In high school I got really obsessed with a Team Dresch song called Growing Up in Springfield. These are the lyrics:
when i was fourteen i fell in love with her in metal shop she said kaia come pray with me we sat on her bed and we held our hands together she told me i needed god i told her i just needed her when i was fifteen i liked to start fires and i drive my parents truck to the jasper store things were out of control i couldn't stop to see others the ones like me were not far from reach when i was sixteen she said to me you have a demon possession i said what the fuck does that mean she said she couldn't be my friend those were the worst days of my life and all the hick boys loved to harass me so i flaunted my hatred of the flag my mother cried when i shaved my head
Honest and unfiltered like most Team Dresch songs, I especially fixated on the last line about her mother. Instead of writing my first name and a boys last name all over my binders, I would write that lyric. But, no one cried when I shaved my head. There were critical reactions far and wide, but never tears.
My mom was not happy about the news that I was rejecting compulsive straightness, she was not happy that I was starting to dress more and more masculine, she was not happy about my hair being short on my head. Her unhappiness was unselfish and in regards to safety and family. But I was still offended and outraged at what I took to be fake liberal ideals and a lack of support in what was already a difficult and confusing situation. But parental disapproval of queerness is generally expected, so I complained to my friends a bit, listened to Team Dresch as if I could relate to religious indoctrination, and then hunkered down to wait out the likely evaporation of motherly disappointment.
I can't remember the first time I shaved my head. I think my friend Abbey may have done the dirty deed since her excitement and support for my changing self was eternal. I could always count on her for a mohawk or a tight buzzcut, but mostly for the encouraging words that went with such a dramatic haircut that asked for at least a little bullying and snickering. Her goodwill overshadowed what could have been pure mess.
There was a day when my hair was starting to grow back into a wavy blob of ugly and somehow it was decided with my mom that I would go to a hair salon for a professional cut. She was hoping I would get a haircut that promoted a less radical look and somehow I felt guilty enough to agree.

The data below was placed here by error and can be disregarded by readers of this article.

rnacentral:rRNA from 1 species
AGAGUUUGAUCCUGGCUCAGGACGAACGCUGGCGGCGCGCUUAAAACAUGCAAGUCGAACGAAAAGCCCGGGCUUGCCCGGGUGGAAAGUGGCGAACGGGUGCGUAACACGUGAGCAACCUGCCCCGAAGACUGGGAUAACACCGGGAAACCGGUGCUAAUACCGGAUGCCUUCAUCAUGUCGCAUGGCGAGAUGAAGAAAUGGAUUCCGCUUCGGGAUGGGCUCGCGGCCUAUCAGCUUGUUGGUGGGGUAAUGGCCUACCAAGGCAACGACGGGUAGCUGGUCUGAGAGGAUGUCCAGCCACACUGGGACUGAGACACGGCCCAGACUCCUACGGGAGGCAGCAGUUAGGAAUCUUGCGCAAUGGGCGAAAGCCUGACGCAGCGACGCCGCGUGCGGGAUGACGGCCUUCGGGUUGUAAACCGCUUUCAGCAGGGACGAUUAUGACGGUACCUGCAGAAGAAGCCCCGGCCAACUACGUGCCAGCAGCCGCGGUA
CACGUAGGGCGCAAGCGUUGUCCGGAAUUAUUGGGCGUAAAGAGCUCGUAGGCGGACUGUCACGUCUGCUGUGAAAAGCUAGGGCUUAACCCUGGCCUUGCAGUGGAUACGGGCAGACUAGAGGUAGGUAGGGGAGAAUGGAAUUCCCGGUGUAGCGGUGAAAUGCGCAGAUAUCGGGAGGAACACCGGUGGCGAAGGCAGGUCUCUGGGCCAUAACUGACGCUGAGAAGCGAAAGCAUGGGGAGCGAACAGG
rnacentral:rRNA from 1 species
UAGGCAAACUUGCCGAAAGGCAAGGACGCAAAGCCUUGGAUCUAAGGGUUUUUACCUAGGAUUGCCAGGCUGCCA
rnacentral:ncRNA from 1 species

We went to a place called The Yellow Balloon that was definitely for children and for children only. I was 17 and way too old to be going to a place that had a Claw Crane game and literally handed out yellow balloons to their patrons for being well behaved during the haircut.
The hairstylist was talkative and dismissive. She sat me down, threw the cape over my body, and asked me what kind of cut I wanted. Just a trim, I said. And that was that. No further questioning, she just took out her shears and went to work while chatting with my mom. Minutes later, she unbuttoned the cape and I met my mother's eyes as we reviewed the haircut. Something was off. It was too short on the sides and too long on the top. My face was unflatteringly elongated.
Unfortunately, my mother and I both lack the natural instinct (backbone) to demand customer satisfaction. But after our shock dissipated, we briefly discussed the issue sitting on my head and concluded it was too bad not to try and fix. Shamefully walking back to the hairstylist, my mom told her that I looked too much like a boy. Which, wasn't exactly the issue, because I didn't mind looking like a boy. It's just, some haircuts for men don't suit my womanly facial features. And this was one of those haircuts.
Now it was the hairstylist's turn to be stunned. She stammered: Oh, I thought she was a boy. It was awkward. Everyone was embarrassed and all for different reasons. My mom came up with a solution: Shave it all off, she said. That was her idea and THAT was how bad this haircut was.
After this happened I couldn't even possibly conceive of re-telling this story to anyone, much less of having a blog to laugh over these types of incidents. But now, I know why this happens and I'm prepared for it. I give specific instructions to people who are going to cut my hair, buy me clothing, or point me in the direction of the restroom.
The hairstylist obliged, and for what Abbey could've done in five minutes and for free and with love and affection, my mom paid $20.